Every once in a generation an artist arrives with the power to not only unify styles, but also unify listeners from around the world.
Meet Isabela Merced.
Merging bold attitude, uncompromising spirit, unassuming pop appeal, and Latin melodies, the 18-year-old singer and songwriter turns up with an undeniable, unmatched, and universal sound of her own. It’s a sound completely and utterly defined by her touch and hers alone. Not only does she write all the music, but she also directs the visuals and oversees the presentation and aesthetic. As a result, it reflects her through and through as she bashes the boundaries between Latin and pop, modern and traditional, and vulnerable and fierce.
By taking the reins, she boldly and bravely breaks the mold on her 2019 debut for Republic Records.
“It’s a blend of everything that inspires me,” she explains. “I’m very influenced by Latin music, from salsa, cumbia, reggaeton to more Peruvian authentic melodies. I’m experimenting with instruments and sounds from Peru, because they’re beautiful yet untouched by the mainstream. There’s also an energy and edge that comes from the rhythmic side. It’s a new take on Latin pop with my own Peruvian spice and attitude. I’m welcoming everyone into my story.”
Born in Ohio to a Peruvian mother and American father, she learned to speak Spanish before English and gravitated to Latin music. Mom introduced her to Selena at a young age in addition to concertos by Beethoven and Mozart as well as “all of the pop stars, queens, and princesses” such as Britney Spears, and Jennifer Lopez. Whitney Houston proved especially influential, as she recalls, “I said, ‘If I’m going to be singing in the future, that’s the way I want to sing.’” Her first album purchase would be Adele’s 19 as she quietly honed her voice. Around the same time, she fell in love with The Wizard of Oz, watching it on repeat and developing an ambition to act.
She fulfilled this ambition at 10-years-old with her Broadway debut in Evita under her birth name Isabela Moner. Critically acclaimed roles followed in everything from blockbusters such as Sicario: Day of the Soldado and Instant Family to a starring turn as the title character of Dora and the Lost City of Gold and in NETFLIX’s much-anticipated Let it Snow. Simultaneously, she honed her chops as a vocalist and picked up piano and ukulele. Making waves throughout 2018, Isabela contributed “I’ll Stay” to the Instant Family soundtrack and joined Sebastian Yatra for “My Only One (No Hay Nadie Más),” which amassed over 27 million Spotify streams.
Kicking off her career as a solo artist under the name Isabela Merced—a tribute to her grandmother Yolanda Merced who passed at just 37.
“She died when my mom was 15, but she was the one who got my mother to the States from Peru,” Isabela says. “She was the reason my mom had all of these opportunities. She was the reason my mom was okay. She sacrificed a lot. She was iconic for her time and where she lived. Without her, I wouldn’t be here. I wanted to pay respect to her, because she is my guardian angel. I knew I wanted to change my name to something connected to her, and my family in Peru says I’m the spitting image of her. This is a new chapter for me. I couldn’t think of a better way to start.”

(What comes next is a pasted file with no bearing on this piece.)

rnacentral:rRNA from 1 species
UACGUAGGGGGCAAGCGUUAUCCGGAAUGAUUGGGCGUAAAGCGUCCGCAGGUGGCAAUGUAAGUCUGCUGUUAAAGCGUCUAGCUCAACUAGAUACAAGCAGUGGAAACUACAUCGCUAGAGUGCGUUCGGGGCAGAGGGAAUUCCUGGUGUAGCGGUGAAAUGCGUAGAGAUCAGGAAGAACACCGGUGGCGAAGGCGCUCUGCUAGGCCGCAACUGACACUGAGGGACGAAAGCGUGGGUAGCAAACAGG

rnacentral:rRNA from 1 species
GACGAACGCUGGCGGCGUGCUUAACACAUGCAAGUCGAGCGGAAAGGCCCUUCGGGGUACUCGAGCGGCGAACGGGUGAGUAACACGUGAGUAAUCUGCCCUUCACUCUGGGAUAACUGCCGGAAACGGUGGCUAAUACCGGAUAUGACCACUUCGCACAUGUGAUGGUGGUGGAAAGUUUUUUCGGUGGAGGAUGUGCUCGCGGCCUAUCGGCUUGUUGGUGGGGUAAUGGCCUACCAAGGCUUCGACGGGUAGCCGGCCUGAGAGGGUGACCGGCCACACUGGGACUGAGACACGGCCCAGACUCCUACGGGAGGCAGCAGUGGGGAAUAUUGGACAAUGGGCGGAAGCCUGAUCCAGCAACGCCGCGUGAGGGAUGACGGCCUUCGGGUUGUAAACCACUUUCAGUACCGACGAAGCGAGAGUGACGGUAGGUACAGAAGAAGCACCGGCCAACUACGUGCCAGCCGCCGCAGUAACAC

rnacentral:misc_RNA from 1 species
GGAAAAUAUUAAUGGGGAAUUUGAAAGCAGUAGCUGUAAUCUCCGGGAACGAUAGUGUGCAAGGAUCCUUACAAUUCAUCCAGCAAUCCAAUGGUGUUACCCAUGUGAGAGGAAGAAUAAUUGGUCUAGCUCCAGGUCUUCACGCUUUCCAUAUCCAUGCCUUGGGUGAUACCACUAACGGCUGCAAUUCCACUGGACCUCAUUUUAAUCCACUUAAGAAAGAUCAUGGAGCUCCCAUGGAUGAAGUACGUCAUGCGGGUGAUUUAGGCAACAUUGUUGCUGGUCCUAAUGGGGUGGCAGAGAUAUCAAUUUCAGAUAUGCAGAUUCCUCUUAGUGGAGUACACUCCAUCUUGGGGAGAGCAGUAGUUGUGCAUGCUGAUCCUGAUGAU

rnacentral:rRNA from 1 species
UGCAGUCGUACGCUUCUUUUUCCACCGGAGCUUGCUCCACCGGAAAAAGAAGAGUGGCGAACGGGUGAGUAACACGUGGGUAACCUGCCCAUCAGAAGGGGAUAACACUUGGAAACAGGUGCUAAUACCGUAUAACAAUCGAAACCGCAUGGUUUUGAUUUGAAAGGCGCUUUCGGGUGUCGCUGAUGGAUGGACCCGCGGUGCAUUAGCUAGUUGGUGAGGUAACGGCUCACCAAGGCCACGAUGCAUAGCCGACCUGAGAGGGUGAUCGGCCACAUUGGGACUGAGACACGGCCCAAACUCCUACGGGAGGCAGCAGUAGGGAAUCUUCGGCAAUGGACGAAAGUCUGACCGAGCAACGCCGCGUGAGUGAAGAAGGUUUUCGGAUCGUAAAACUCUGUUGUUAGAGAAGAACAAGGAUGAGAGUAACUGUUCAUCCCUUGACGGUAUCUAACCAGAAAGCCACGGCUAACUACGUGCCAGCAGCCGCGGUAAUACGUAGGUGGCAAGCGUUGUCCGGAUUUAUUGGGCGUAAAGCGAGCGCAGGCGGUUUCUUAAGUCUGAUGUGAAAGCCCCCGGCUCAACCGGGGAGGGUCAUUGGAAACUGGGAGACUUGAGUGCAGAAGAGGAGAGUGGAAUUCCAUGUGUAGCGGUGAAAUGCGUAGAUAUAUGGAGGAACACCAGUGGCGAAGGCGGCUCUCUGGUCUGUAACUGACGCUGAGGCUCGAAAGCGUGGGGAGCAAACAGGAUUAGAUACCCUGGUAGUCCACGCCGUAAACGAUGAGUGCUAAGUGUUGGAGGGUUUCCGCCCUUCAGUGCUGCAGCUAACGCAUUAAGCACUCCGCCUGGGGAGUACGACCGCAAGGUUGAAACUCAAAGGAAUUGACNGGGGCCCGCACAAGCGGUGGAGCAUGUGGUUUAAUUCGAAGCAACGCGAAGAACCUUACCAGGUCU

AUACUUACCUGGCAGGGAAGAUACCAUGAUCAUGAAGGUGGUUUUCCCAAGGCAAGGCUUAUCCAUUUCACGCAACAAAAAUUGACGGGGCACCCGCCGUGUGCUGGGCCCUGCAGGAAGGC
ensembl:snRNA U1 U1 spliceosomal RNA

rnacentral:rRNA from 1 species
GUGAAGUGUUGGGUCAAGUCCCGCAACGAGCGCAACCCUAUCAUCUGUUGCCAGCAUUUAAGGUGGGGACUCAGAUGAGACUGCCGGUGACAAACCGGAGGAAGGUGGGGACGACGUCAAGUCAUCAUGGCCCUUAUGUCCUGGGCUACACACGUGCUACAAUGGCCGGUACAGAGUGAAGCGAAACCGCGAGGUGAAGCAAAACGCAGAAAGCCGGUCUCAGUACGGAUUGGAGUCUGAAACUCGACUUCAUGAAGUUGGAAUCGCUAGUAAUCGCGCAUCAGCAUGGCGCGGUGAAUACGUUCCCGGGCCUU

Isabela kicks off this chapter with her first solo single “Papi” co-written with powerhouse Justin Tranter [Justin Bieber, Julia Michaels]. She fluidly writes lyrics similar to how she speaks—in bilingual fashion—making the music reflective of her voice and fitting what feels right in the moment. As such, handclaps and South American percussion propel the track forward as she slips from an English refrain into a Spanish bridge before dropping the empowering and emphatic hook, “I’m never gonna call you papi, even if it makes you happy.”
“Different elements of my Peruvian culture, from the coast to the Amazons, are incorporated into every aspect of my music, wardrobe, dancing, and storytelling of my videos.” Isabela describes, “The “Papi” music video included choreography and wardrobe elements of a Peruvian dance called Marinera, such as the faldas and the pañuelos. The props in the video were inspired from a tradition started by the Spaniards, the Diablada. I want to introduce everyone to the rich culture of my Peruvian heritage.
Continuing to evolve, she continues her work with Tranter as well as the producers behind “Despacito” Mauricio Rengifo and Andres Torrés.
By writing and singing straight from the heart, Isabela Merced has the power to make a connection everywhere.
“I hope my fans are empowered to be their authentic selves after hearing my music,” she leaves off. “I want them to feel as if I’m talking to them directly. It’s me through and through. I’m monitoring every single instrument. I’m in charge of every melody. This is all who I am. I’m working on every single piece. I hope you know you’re getting 100% of me and feel as connected to it as I do.”